Your hospital charges are $8,500. Your insurer pays most of this cost but there is no Medicare benefit. You must pay an excess of $750.

The total costs of your treatment is $13,800. You pay $2,150, which is made up of:

  • $800 for your surgeon and $600 for other providers
  • your hospital charge excess of $750

Gap arrangements for hospital treatment

Doctors set their own fees for private medical services. They can charge more than the MBS fee set by the Australian Government.

When a doctor’s fee for hospital treatment is higher than the MBS fee, the difference is called the gap. You pay the gap, or your private health insurer might where there is a gap cover arrangement. It’s normal for there to be out of pocket costs in many situations. However, many doctors and insurers use gap arrangements to remove or reduce your gap payment.

Fees for the same type and quality of care might vary depending on:

  • who you see
  • where they are located

You might find you are paying high gap costs when another doctor could provide you the same quality of care for less. Read more about how to decide if your doctor’s fees offer you good value.

Many private health insurers make gap cover agreements with particular doctors. This might reduce your gap payment or mean you have no gap to pay at all.

If your doctor doesn’t have a gap cover agreement, or they don’t agree to charge you under the agreement, you must pay the gap yourself.

There are 2 types of gap cover your insurer might provide by agreement with a doctor:

  • no gap
  • known gap

No gap cover means your insurer will pay a certain amount more than the MBS fee for a service. If your doctor charges more than the MBS fee but less than or up to the no gap limit set by the insurer, you will have no out of pocket costs.

Known gap cover applies if your doctor charges more than the no gap limit, but not more than an additional limit set by your insurer. This is the known gap limit.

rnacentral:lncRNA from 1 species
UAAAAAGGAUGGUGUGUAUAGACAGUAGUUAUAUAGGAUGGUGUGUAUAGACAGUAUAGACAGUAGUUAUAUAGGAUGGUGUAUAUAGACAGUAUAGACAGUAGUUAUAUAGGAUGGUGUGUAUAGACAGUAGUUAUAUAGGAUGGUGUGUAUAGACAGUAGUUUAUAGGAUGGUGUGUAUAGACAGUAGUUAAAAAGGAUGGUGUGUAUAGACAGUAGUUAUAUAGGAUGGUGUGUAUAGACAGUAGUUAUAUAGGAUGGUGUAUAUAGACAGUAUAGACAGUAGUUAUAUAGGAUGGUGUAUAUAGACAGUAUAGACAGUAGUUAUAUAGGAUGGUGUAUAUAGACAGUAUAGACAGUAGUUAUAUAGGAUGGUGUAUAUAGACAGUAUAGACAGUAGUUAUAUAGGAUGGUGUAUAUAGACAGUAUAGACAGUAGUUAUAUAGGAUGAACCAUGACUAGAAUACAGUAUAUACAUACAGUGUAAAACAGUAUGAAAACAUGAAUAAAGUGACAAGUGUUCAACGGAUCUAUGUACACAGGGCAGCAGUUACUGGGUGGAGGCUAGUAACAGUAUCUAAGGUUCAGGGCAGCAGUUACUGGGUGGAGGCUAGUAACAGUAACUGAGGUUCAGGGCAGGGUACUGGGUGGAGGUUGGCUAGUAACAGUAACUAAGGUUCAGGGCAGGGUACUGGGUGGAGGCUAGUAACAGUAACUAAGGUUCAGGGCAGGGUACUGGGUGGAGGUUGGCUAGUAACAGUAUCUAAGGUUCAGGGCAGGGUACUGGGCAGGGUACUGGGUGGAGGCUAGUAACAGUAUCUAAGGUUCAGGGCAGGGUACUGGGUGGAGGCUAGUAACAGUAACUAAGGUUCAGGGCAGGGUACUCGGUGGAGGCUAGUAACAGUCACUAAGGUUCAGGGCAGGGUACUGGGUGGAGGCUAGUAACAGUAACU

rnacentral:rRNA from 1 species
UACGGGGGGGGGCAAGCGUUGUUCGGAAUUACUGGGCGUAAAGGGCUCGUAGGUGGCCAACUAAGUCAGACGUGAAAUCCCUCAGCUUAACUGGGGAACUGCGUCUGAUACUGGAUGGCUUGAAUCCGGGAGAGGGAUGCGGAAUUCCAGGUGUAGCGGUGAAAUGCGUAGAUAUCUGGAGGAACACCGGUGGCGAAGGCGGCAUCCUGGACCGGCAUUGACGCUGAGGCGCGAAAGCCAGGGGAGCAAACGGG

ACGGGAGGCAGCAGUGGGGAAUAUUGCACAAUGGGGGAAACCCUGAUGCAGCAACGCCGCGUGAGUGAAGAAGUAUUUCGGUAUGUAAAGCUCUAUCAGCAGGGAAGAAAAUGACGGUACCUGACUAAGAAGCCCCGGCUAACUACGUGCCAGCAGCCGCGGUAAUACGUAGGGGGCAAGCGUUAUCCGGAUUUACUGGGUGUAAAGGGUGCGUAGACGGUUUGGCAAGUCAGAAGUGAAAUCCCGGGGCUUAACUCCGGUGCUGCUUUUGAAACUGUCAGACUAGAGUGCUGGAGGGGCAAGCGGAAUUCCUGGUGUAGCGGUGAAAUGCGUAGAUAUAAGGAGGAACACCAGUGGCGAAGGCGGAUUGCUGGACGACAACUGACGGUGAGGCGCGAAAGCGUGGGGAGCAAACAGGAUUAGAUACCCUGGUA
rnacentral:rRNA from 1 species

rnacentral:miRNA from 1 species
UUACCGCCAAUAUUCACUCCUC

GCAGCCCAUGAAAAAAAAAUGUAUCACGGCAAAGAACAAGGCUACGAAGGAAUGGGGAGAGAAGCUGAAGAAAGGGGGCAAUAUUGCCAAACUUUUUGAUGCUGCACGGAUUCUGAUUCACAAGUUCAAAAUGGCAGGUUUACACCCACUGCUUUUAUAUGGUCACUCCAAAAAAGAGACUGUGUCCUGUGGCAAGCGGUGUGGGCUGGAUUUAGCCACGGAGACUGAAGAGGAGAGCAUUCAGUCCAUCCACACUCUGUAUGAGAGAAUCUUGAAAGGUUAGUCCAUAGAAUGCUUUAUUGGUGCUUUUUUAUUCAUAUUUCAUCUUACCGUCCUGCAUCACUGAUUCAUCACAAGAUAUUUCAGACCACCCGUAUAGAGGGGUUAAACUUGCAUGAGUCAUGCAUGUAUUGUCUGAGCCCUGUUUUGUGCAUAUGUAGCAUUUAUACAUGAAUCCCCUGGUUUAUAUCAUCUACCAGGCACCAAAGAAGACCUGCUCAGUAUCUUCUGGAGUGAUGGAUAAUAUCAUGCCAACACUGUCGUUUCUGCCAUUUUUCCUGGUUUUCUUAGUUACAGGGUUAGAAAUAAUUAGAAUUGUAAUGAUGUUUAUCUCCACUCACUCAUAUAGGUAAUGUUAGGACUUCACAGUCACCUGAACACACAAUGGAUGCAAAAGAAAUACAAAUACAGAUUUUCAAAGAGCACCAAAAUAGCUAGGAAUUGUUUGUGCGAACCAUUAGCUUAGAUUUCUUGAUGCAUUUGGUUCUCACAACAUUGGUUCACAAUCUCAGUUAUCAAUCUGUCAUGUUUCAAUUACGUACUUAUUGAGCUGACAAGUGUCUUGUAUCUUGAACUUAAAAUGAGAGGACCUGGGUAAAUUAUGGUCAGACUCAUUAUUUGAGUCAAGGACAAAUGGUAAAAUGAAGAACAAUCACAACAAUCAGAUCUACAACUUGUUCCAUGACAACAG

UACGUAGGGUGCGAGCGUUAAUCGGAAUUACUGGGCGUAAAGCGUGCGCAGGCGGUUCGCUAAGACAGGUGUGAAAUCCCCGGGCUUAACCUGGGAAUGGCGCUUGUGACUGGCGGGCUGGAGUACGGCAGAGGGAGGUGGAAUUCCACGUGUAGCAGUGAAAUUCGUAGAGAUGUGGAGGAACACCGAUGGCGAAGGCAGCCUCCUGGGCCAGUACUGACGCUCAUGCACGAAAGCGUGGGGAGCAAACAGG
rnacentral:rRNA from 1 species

If your doctor charges less than or up to the known gap limit, you must pay the difference between the doctor’s fee and what your insurer agrees to pay.

If your treatment costs more than the known gap limit your insurer won’t pay more than 25% of the MBS fee. You must pay the entire gap out of pocket.

Learn more about insurer no gap arrangements with doctors.

Ask your doctor and insurer whether gap arrangements apply to you.

Specialist booking or administration fees and split bills

A booking or administration fee is an out of pocket cost you pay to get an appointment or treatment with a specialist.

If your specialist charges you a booking or administration fee as well as charging you for the medical service they provided, you can’t claim the booking or administration fee from Medicare or your insurer.

Your doctor should not charge you fees that aren’t related to your treatment. But they can ask you to pay an upfront amount before they provide you treatment.

Bill splitting is when a doctor issues 2 different bills for the same treatment. Your doctor might:

  • send one bill to Medicare and your private health insurer for the benefits they will pay
  • send another bill to you for out of pocket costs

Doctors sometimes split bills to work around gap cover agreements where they have agreed with an insurer not to charge you more than a certain amount. Split bills also mean the Government and insurers don’t find out full details of the fees being charged for services they subsidise.

Ask your specialist for a written estimate of your costs in advance. You should expect a final invoice that reflects all the costs.

What to do if you have unexpected medical costs

Learn more about what to do if your medical costs are higher than you expect and how to make a complaint to the Commonwealth Ombudsman.

Learn more about your costs with the Medical Costs Finder

The Medical Costs Finder is an online tool that lets you find out more about the costs of specialist medical services.

You can use the tool to:

  • compare costs you are quoted by your specialists with the typical cost of the medical service in your area
  • see how much people have paid out of pocket for the same medical service

Go to the Medical Costs Finder